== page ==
Background on Casein
Casein is a mixture of phosphoproteins found in milk to the extent of about 3%. It contains all of the common amino acids an is high in the essential ones. Casein is often used as a dietary base for use in evaluation of vitamins, since it is easy to prepare casein as a pure protein.
Casein is usually prepared by acid precipitation. It exists in milk as the water soluble calcium salt of a phosphoprotein. Acid treatment removes the calcium cation, leaving a water insoluble phosphoprotein.
Generally acetic acid is used because it is less harsh than hydrochloric acid. Most people extracting casein in the form of a school experiment do so with the solution cold. Such practice leads to the formation of casein with poor physical properties. Softness and rather incomplete separation of the casein are problems encountered.
However, if the precipitation is performed warm, the casein separates as a single large colloid, with complete separation, leaving a yellow solution of whey behind. As a side note, whey primarily consists of milk-sugar, lactose.
Decent casein precipitation is delicate. If too much acid is added, or if the acid is added too quickly, or if the acid is too strong, part of the casein will redissolve. Casein is amphoteric, that is, it forms salts with both acids and alkalines.
Casein may be extracted from whole milk. Disadvantages are that whole milk contains a relatively large concentration of fat. This fat will be physically included in the casein curd as it separates. Thus, if at all possible, use skim milk.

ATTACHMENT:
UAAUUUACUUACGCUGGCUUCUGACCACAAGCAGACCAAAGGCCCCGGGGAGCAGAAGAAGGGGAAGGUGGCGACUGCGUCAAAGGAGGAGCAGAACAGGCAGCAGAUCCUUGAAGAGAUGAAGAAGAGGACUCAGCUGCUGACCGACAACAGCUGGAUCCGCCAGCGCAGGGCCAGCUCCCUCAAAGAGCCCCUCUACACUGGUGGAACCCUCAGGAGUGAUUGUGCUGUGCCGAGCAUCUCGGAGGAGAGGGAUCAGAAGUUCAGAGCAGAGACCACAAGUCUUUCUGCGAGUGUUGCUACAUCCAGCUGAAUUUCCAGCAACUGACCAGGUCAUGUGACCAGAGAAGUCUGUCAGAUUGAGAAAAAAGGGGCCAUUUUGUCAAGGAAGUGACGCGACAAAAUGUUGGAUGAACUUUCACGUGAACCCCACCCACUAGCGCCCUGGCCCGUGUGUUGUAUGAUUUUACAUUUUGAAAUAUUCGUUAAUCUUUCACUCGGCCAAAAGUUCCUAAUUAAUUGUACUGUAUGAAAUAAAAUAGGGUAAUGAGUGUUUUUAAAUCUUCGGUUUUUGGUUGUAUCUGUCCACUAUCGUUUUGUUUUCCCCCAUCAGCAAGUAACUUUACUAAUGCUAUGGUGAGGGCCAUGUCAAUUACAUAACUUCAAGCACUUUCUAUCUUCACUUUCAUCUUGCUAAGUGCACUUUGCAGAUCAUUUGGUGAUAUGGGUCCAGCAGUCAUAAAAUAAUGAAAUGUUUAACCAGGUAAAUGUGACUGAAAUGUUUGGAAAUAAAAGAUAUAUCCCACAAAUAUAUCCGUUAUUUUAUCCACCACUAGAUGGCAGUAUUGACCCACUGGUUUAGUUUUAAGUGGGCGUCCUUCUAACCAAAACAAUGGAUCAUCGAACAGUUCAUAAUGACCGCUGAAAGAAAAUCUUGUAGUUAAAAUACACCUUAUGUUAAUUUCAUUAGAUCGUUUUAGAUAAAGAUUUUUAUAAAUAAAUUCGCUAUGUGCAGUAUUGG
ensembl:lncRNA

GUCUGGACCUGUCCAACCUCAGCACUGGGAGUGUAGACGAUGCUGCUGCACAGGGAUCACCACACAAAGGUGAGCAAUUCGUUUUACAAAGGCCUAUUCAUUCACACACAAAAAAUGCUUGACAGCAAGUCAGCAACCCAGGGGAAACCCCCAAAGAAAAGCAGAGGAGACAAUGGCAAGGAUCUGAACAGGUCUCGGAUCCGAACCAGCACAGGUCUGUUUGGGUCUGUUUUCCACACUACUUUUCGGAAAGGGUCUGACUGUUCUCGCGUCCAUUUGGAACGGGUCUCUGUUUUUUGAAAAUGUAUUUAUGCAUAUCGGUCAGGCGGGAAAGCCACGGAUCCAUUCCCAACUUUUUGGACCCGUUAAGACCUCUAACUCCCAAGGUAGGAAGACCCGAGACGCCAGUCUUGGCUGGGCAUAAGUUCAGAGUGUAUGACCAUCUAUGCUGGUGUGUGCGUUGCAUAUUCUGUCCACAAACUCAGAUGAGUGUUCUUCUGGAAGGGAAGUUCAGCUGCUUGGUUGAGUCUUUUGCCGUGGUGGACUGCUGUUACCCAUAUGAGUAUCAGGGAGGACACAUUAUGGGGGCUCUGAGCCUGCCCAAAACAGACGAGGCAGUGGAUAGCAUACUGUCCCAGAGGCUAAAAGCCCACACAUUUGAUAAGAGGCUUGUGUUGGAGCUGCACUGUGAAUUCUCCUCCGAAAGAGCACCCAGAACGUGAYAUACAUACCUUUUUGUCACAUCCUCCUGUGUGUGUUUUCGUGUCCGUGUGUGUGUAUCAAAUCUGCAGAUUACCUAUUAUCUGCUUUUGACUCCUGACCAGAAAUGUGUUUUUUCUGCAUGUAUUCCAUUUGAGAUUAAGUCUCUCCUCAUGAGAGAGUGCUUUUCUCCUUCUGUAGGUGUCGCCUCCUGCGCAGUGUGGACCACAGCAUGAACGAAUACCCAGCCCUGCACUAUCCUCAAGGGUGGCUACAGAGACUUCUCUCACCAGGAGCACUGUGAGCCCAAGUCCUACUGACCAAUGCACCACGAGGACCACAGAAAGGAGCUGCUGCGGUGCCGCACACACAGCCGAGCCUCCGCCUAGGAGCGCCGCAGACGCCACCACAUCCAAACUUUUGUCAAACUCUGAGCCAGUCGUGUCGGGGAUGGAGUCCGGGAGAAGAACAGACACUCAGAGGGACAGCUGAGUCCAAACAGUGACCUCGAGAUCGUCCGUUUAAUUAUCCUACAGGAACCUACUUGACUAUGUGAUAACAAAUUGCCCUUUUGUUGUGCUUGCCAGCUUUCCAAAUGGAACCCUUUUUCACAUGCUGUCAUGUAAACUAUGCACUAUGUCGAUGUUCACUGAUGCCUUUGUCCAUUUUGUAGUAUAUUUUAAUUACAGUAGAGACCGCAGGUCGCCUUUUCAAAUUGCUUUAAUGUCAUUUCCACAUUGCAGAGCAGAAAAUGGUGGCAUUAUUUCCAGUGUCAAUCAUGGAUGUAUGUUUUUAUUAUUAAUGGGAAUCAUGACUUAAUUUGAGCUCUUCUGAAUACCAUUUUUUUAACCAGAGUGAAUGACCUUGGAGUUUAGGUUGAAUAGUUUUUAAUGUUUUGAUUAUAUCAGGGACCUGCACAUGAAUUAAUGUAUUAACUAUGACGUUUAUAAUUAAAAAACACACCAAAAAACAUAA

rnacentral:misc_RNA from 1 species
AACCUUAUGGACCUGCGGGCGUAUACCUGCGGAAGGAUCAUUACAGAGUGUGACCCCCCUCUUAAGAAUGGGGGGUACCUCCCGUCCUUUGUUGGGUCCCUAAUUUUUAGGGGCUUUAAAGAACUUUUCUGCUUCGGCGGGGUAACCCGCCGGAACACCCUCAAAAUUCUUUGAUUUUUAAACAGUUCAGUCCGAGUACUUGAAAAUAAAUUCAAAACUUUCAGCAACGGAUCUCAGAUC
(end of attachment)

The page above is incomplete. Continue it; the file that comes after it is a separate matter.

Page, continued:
Prepare a solution of 7.0cc glacial acetic acid in 50.0cc water. This is the solution to be used for precipitation.
Place 600.0cc skim milk in a 1 liter beaker. Warm to 110° F. Dropwise and with stirring add the acetic acid solution prepared above. At a certain point a mass of casein will separate. Gather this from the beaker with a glass stirring rod.
Do not add any more acid than necessary to obtain a good curd. A few minutes must be given between acid additions to allow for stabilization.
Press the mass of casein between tissue to remove as much water as possible. Place the mass of casein in a food blender with 500cc water. Suspend the casein in the water by blending as much as possible.
Separate the casein from the water with a filter and wash with isopropanol. If isopropanol is not available use ethanol or some low molecular weight alcohol. Use of ketones is not recommended due to increased polymerization.
Let the casein powder air dry.
Yield casein: 13.8g